5-point revival action plan for directors
We are in uncharted waters, the wind has deserted us, and we’re being battered by a once-a-century storm. So should businesses just batten down the hatches and wait for the storm to pass? Or are there things you can be doing during this ‘hibernation period’ that will set you up for success when things turn around?
Survival = buy some time
The survival stage will be different for every business facing extreme challenges. Obviously your first priority is to cut unnecessary costs. Beyond that, being able to find creative ways to generate revenue is crucial - businesses that can innovate and adapt, such as the dine-in restaurants that have morphed into a home delivery model, will be better placed. Look to access any available government assistance - specifically the recently announced JobKeeper payments, as well as the ability to access unsecured loans to help with cash flow.
Revival = prepare for turnaround
How well your business emerges from this mess will depend on how well you can weather the storm, but also on how quickly you can adapt to the post-COVID-19 landscape. By necessity, we’ve all been purely reactive over the last few weeks; but things will turn, and proactive businesses will be best placed.
It's surprising how many businesses don't know their numbers, and don’t have a plan to improve their position going forward. While situations can change quickly, rendering much of your planning irrelevant, the businesses that will bounce back best are the ones with existing plans that can adapt to meet the changing landscape.
5-point revival action plan
Here are five things that every director should address in order to allow you to move forward, and ultimately be set up to capitalise on the turnaround. Unfortunately these points won’t help businesses that are likely to go under, but those who have a 50/50 chance of survival will definitely benefit from this roadmap going forward.
1/ Understand your current financial position
The first step is to understand where you are, which involves a review of your financials and business fundamentals. Are you in a loss position? How much cash do you have in the bank? What’s your ratio of liabilities to assets? What needs to change to overcome the key threats?
Determining previous performance provides a sound platform for planning ahead to improve your situation. A business performance assessment will identify historical trends that give perspective to current performance. You can then put a plan in place to get back to a more profitable and equitable position, and develop benchmarks to ensure your ongoing performance stays on track to meet your objectives.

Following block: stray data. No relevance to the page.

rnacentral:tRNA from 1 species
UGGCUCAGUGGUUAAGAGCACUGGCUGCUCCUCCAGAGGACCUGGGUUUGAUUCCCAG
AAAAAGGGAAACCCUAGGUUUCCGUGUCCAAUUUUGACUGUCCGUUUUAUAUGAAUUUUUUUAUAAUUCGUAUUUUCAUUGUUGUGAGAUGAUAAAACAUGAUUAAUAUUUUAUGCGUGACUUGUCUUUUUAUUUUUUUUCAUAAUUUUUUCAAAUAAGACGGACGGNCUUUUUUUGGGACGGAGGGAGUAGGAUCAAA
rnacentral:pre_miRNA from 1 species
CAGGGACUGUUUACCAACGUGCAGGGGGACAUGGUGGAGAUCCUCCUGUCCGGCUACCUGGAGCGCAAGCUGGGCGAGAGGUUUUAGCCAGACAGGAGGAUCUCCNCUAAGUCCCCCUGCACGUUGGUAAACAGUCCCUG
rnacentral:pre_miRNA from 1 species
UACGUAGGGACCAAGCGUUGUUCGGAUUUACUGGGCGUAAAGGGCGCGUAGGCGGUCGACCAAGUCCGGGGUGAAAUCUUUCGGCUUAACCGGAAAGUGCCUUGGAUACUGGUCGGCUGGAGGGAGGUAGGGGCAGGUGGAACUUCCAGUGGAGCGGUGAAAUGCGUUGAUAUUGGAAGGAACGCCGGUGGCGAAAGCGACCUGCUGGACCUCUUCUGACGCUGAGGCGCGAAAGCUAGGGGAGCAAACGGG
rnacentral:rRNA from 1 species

Larger businesses should undertake a financial diagnostic review which is tailored to the systems and processes of the business.
2/ Determine where you want to be
What is your vision for the business? Where do you want to be in two years’ time? Have you set clear targets that the business is united in aiming for?
The key tool here is a 3-way forecast, which combines data from your P&L, balance sheet, and cashflow projections. The results will help you develop a plan to move towards your targets.
3/ Regular review meetings / management reporting
This is the game-changer for any business looking to revive their business and be best placed to take advantage of the eventual turnaround.
Regular review meetings provide ongoing monitoring of actual performance in the context of your budgets, forecasts and benchmarks. This highlights where you are on track, and where corrective action is required.
I’ve listed the many benefits of regular review meetings in another post. But don’t underestimate the power that comes from gathering all key decision-makers together at a set time each month or quarter, guided by your accountant or business adviser, so you all have absolute clarity about your position and understand the actions required to stay on course.
4/ identify business operational inefficiencies/opportunities
Your accountant or adviser should periodically review all systems and processes within the business to give you an external, independent perspective of the bottlenecks, challenges and potential gains that currently exist. This would also include assessing the FX exposure for importers.
5/ Hibernation housekeeping
This hibernation period is a great time to tackle those ‘important but not urgent’ projects that you have been putting off, but you know will benefit your business. These can include:
- Review your processes and documentation. You should conduct regular internal reviews of your processes to ensure you are taking advantage of new technologies and reflecting the changing external landscape. Can you do things more efficiently? Can you improve your integration between software to save time and effort? And are the instructions for employees as clear as possible?
- Review your product and service offerings. What is missing? What needs to change? What offerings can be culled?
- Improve your data. Get your bookkeeper, financial controller or CFO to revisit your ‘dashboard’ of management reporting information. Can your regular reports be improved to give directors a better handle on your financial position? Also, look to clean up your client database so you have more accurate data, including details that will enable better segmentation and targeting.
- Online audit. Conduct a review of your website and all social media activity. Is your website up to date? Can you add videos or FAQs to help your clients? Where are the gaps in your social media activities - eg are you developing quality content (articles, videos, special reports) in addition to shorter and more general posts? Can you give your clients a behind-the-curtain view of your business and people to help strengthen their connection to you and their trust in you?